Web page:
Opponents of Calvinism are often especially frustrated with the idea that God determines all things, preferring instead the idea that man freely chooses– he has so-called “freedom of the will.”
The denial of a completely free will is not so radical or crazy, of course, for even a plethora of secular philosophers deny to man a libertarian freedom in terms of the will. The answer is simple: man lives and makes decisions within a framework of preconceptions, personal history, experiences, education, and so on. Only a man without any outside influence on his will has a free will. But since the mind is its own propositions and no man exists in a vacuum, the idea of a libertarian freedom of the will is absurd.
In the Calvinist framework, God has arranged the circumstances of men, the type of responses that will be chosen by them, and the setting and background of their life. All these things bear on man’s will and therefore he is not free from them. God’s arrangement of the nature and characteristics of each man indicates that man’s every move is determined by God.
Gordon Clark echoes this when he answers the question of verbal inspiration of the Bible:
Put it this way: God, who works all things according to his will and who has done whatsoever he pleased, for no one can stay his hand or say, what doest Thou, from all eternity decreed to lead the Jews out of slavery by the hand of Moses. To this end he so controlled events that Moses was born at a given date, placed in the water to save him from an early death, found by Pharaoh’s daughter, given the best Egyptian education possible, driven into the wilderness to learn patience, and in every detail so prepared by heredity and environment that when the time came Moses’ mentality and literary style were instruments precisely fitted to speak God’s words. Between Moses and God there was an inner union, an identity of purpose, a cooperation of will, such that the words Moses wrote were God’s own words and Moses’ own words at the same time.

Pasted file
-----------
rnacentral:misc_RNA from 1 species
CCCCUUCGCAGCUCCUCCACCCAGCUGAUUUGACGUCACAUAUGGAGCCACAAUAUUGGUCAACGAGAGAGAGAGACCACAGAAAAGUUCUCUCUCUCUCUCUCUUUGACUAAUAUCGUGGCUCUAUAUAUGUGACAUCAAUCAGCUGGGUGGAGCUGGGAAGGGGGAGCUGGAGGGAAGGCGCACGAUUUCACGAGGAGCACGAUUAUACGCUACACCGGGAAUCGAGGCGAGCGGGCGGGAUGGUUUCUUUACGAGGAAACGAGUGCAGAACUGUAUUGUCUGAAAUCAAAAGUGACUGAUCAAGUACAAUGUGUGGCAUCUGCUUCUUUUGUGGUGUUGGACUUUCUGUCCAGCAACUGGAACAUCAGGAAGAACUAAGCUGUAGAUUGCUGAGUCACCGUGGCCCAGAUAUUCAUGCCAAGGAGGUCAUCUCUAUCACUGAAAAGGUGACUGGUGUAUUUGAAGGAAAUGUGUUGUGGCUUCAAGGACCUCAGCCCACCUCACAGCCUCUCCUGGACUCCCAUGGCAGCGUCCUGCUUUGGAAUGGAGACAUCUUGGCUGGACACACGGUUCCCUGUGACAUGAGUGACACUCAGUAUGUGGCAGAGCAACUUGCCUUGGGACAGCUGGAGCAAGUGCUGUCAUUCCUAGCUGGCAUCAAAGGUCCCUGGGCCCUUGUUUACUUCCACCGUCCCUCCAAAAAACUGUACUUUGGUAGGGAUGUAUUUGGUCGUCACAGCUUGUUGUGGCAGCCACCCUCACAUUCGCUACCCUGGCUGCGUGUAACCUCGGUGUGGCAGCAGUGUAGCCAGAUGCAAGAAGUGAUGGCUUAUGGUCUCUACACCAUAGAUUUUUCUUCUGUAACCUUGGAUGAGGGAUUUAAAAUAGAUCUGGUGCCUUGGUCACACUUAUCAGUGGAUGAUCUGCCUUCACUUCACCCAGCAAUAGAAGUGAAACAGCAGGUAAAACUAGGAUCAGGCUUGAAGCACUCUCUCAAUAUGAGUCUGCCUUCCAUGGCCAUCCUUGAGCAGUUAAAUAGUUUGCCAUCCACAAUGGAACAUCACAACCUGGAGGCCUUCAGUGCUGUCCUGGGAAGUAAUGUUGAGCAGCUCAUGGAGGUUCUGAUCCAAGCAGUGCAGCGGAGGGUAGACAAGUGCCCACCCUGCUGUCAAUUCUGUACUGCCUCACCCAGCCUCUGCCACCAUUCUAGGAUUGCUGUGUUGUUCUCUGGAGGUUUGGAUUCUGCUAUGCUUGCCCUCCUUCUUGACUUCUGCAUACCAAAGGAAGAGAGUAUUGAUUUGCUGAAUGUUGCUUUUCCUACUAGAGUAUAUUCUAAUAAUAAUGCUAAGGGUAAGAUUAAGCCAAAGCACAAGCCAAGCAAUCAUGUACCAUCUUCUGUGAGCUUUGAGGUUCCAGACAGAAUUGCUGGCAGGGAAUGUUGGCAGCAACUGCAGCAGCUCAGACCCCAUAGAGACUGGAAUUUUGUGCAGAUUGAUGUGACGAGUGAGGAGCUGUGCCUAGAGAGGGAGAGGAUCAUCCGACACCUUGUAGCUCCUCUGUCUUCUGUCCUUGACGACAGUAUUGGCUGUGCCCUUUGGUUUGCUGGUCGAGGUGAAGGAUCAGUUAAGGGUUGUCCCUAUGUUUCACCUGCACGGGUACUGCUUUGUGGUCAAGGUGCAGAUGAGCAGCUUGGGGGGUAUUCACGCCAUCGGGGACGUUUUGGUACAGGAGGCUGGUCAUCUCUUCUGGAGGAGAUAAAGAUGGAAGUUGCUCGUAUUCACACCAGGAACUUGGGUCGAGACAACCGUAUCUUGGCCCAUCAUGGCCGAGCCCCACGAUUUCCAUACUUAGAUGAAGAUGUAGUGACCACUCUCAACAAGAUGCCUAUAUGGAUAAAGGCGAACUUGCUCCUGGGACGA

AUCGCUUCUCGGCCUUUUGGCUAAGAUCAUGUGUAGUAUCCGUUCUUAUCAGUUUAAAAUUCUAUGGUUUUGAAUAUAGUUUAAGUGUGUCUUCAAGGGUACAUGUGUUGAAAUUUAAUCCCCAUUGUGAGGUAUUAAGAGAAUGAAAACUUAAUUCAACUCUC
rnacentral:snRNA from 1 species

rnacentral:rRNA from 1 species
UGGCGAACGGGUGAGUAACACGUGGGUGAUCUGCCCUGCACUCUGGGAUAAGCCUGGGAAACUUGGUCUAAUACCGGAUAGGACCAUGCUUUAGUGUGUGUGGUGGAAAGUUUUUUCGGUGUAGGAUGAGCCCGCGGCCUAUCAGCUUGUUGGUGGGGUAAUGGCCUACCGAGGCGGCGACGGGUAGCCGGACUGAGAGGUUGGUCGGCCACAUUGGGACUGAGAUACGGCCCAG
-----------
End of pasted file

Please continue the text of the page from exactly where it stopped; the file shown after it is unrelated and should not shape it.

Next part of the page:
Gordon Clark (2011-07-02T18:48:21+00:00). God’s Hammer: The Bible and Its Critics (Gordon Clark) (Kindle Locations 322-328). The Trinity Foundation. Kindle Edition.
Indeed, man chooses, makes decisions– after all, a denial of free will is not a denial of the existence of the will. But since God structured every mind to respond in certain ways to certain stimuli, and since God arranges circumstances and experiences, God determined the actions of man. But man does act, he does employ reason in connecting means and ends. Man chooses, but he chooses according to what is in his mind, which was designed and determined by God.